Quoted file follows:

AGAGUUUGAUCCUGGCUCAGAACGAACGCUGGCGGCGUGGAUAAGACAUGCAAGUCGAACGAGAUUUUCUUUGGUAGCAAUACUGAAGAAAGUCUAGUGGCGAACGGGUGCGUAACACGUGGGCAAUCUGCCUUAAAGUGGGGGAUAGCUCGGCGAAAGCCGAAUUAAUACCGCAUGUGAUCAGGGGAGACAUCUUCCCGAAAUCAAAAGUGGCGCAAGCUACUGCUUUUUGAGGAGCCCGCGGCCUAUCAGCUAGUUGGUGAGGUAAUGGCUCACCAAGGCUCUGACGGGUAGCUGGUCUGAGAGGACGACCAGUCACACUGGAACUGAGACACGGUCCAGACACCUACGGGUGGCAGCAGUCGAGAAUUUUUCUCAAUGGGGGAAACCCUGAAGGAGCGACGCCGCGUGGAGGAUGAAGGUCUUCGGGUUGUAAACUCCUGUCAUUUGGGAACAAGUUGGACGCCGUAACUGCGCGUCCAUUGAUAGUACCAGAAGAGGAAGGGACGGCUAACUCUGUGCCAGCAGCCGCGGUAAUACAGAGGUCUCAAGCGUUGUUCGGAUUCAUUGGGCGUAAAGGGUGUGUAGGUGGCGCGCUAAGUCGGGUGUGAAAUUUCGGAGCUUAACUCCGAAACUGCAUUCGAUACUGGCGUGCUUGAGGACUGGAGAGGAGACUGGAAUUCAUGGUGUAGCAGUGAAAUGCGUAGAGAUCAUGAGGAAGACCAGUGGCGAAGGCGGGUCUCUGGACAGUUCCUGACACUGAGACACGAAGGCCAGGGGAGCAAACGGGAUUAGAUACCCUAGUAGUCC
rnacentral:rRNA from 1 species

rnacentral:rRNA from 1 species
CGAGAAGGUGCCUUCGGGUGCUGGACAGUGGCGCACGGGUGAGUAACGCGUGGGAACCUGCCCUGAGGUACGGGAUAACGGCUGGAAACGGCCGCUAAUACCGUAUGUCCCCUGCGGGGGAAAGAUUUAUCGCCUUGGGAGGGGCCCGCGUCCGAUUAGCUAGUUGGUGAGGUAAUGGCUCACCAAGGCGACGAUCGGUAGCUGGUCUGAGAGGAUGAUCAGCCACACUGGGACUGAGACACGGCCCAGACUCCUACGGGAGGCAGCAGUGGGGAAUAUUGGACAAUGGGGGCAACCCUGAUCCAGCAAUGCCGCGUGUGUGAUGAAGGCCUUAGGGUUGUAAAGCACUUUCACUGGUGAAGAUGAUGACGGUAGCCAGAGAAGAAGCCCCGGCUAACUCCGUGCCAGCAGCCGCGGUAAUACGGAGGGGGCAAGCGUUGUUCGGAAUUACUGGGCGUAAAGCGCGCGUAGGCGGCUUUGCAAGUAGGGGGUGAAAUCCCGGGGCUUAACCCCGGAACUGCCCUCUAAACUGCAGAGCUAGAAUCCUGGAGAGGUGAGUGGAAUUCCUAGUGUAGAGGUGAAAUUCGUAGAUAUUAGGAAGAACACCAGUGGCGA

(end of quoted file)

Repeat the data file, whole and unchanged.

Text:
AGAGUUUGAUCCUGGCUCAGAACGAACGCUGGCGGCGUGGAUAAGACAUGCAAGUCGAACGAGAUUUUCUUUGGUAGCAAUACUGAAGAAAGUCUAGUGGCGAACGGGUGCGUAACACGUGGGCAAUCUGCCUUAAAGUGGGGGAUAGCUCGGCGAAAGCCGAAUUAAUACCGCAUGUGAUCAGGGGAGACAUCUUCCCGAAAUCAAAAGUGGCGCAAGCUACUGCUUUUUGAGGAGCCCGCGGCCUAUCAGCUAGUUGGUGAGGUAAUGGCUCACCAAGGCUCUGACGGGUAGCUGGUCUGAGAGGACGACCAGUCACACUGGAACUGAGACACGGUCCAGACACCUACGGGUGGCAGCAGUCGAGAAUUUUUCUCAAUGGGGGAAACCCUGAAGGAGCGACGCCGCGUGGAGGAUGAAGGUCUUCGGGUUGUAAACUCCUGUCAUUUGGGAACAAGUUGGACGCCGUAACUGCGCGUCCAUUGAUAGUACCAGAAGAGGAAGGGACGGCUAACUCUGUGCCAGCAGCCGCGGUAAUACAGAGGUCUCAAGCGUUGUUCGGAUUCAUUGGGCGUAAAGGGUGUGUAGGUGGCGCGCUAAGUCGGGUGUGAAAUUUCGGAGCUUAACUCCGAAACUGCAUUCGAUACUGGCGUGCUUGAGGACUGGAGAGGAGACUGGAAUUCAUGGUGUAGCAGUGAAAUGCGUAGAGAUCAUGAGGAAGACCAGUGGCGAAGGCGGGUCUCUGGACAGUUCCUGACACUGAGACACGAAGGCCAGGGGAGCAAACGGGAUUAGAUACCCUAGUAGUCC
rnacentral:rRNA from 1 species

rnacentral:rRNA from 1 species
CGAGAAGGUGCCUUCGGGUGCUGGACAGUGGCGCACGGGUGAGUAACGCGUGGGAACCUGCCCUGAGGUACGGGAUAACGGCUGGAAACGGCCGCUAAUACCGUAUGUCCCCUGCGGGGGAAAGAUUUAUCGCCUUGGGAGGGGCCCGCGUCCGAUUAGCUAGUUGGUGAGGUAAUGGCUCACCAAGGCGACGAUCGGUAGCUGGUCUGAGAGGAUGAUCAGCCACACUGGGACUGAGACACGGCCCAGACUCCUACGGGAGGCAGCAGUGGGGAAUAUUGGACAAUGGGGGCAACCCUGAUCCAGCAAUGCCGCGUGUGUGAUGAAGGCCUUAGGGUUGUAAAGCACUUUCACUGGUGAAGAUGAUGACGGUAGCCAGAGAAGAAGCCCCGGCUAACUCCGUGCCAGCAGCCGCGGUAAUACGGAGGGGGCAAGCGUUGUUCGGAAUUACUGGGCGUAAAGCGCGCGUAGGCGGCUUUGCAAGUAGGGGGUGAAAUCCCGGGGCUUAACCCCGGAACUGCCCUCUAAACUGCAGAGCUAGAAUCCUGGAGAGGUGAGUGGAAUUCCUAGUGUAGAGGUGAAAUUCGUAGAUAUUAGGAAGAACACCAGUGGCGA